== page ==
Prof. Dr. Frauke Nees

Institute of Medical Psychology and Sociology, University Medical Center Schleswig-Holstein, Campus Kiel

Prof. Dr. Dr. h.c. mult. Herta Flor

Department of Clinical Psychology and Neuropsychology, Central Institute of Mental Health, Medical Faculty Mannheim, Heidelberg University

The role of learning, stress and underlying brain circuits involving prefrontal-limbic interactions in the development of chronic back pain

We proposed that emotional learning and accompanying plasticity in emotion-related brain circuits is a core characteristic of chronic back pain in contrast to a focus on nociceptive circuits in acute pain. While a number of studies have shown that psychosocial factors predict persistent pain, little is known how these relate to altered learning processes and the role of stress analgesia, and about the associated changes in brain structure and function that might predict persistent pain.

Our data from the first funding period indicate disturbed emotional learning in interaction with stress sensitivity and comorbidity and concomitant altered somatosensory-limbic interactions as determinants of chronicity. In the second funding period we now extend our analyses to the role of social learning and related brain structure-function circuits in pain chronicity. Specifically, based on operant learning theory, we assume that significant others with solicitous compared to non-solicitous responses to the patients’ pain behaviors enhance pain perception and activation in brain circuits involved in affective processing.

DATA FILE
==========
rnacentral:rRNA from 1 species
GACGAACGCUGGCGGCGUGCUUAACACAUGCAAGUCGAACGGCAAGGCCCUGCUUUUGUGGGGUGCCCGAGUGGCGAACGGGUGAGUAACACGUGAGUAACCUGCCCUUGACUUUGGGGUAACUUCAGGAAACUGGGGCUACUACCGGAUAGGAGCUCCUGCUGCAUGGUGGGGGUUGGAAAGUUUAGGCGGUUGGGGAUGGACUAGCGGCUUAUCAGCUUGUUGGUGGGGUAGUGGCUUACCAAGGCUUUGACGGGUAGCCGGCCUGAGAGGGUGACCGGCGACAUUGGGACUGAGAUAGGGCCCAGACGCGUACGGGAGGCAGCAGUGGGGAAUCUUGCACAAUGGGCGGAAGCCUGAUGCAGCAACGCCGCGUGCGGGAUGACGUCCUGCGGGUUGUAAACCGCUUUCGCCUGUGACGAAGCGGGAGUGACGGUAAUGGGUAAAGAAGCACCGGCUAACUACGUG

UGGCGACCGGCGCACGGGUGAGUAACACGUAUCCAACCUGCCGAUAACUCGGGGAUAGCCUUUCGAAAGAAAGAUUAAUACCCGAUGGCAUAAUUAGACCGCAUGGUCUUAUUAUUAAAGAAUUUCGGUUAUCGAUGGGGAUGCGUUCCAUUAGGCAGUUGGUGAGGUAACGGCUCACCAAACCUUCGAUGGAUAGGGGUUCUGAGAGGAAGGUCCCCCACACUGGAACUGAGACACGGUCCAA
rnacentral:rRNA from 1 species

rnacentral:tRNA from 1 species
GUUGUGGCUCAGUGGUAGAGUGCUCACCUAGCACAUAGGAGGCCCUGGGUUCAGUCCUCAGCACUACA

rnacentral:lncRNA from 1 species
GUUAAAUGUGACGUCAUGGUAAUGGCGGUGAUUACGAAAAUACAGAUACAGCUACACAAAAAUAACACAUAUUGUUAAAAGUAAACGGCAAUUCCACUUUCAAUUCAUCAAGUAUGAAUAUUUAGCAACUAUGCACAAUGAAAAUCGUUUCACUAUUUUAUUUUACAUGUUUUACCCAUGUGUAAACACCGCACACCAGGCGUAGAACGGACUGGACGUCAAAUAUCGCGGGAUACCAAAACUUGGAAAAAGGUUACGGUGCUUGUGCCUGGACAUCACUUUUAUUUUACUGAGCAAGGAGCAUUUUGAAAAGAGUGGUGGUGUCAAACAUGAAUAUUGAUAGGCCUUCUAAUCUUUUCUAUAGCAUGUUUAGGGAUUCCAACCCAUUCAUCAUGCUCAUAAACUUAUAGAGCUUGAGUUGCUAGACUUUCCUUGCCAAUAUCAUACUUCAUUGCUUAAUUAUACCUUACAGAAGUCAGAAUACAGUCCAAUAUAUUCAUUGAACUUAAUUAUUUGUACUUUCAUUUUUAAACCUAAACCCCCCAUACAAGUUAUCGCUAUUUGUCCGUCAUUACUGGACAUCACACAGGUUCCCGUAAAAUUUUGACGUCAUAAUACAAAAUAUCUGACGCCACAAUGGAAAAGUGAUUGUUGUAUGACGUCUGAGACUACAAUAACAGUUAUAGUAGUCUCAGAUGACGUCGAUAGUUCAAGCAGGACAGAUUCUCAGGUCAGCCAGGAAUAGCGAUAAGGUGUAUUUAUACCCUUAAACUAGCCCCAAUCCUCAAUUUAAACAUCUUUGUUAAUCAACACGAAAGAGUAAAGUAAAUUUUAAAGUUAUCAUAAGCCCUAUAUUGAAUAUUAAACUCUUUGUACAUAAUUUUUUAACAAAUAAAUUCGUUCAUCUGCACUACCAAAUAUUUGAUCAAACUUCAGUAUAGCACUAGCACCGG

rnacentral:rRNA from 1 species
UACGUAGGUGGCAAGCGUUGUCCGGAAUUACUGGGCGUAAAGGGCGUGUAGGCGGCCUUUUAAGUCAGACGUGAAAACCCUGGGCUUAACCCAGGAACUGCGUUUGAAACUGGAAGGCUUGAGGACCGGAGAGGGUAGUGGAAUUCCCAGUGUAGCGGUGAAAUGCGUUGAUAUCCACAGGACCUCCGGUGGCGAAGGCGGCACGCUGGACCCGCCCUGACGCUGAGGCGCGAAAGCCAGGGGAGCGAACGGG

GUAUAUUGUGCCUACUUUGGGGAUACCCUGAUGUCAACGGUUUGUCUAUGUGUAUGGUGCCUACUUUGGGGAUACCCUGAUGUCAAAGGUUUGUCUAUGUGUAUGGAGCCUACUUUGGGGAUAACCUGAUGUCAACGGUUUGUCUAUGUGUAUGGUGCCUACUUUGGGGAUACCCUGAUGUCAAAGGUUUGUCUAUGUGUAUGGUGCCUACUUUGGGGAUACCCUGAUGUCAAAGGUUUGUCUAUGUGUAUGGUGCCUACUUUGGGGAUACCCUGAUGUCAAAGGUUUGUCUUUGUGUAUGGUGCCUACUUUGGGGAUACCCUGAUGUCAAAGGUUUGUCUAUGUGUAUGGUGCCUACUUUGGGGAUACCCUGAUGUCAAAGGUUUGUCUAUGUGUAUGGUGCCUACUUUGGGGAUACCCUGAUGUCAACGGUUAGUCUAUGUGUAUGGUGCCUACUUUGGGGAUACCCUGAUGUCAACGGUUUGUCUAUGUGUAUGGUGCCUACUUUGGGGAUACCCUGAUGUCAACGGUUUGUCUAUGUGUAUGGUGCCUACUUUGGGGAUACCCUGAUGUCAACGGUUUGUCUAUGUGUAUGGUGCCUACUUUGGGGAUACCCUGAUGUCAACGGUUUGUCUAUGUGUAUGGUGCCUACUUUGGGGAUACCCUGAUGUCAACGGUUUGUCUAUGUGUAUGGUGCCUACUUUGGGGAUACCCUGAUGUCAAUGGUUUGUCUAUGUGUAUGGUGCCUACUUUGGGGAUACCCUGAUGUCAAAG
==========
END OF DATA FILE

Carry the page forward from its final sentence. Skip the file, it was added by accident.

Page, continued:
We expect to be able to link learning-related predictors of chronicity with those resulting from brain structure-function analyses and epidemiological studies, and to gather new data of the role of social reinforcement and brain correlates. Finally, we use transcranial magnetic stimulation and neurofeedback to obtain causal information on involved brain circuits, related behaviors and psychological factors and can thus derive new assessment as well as treatment options.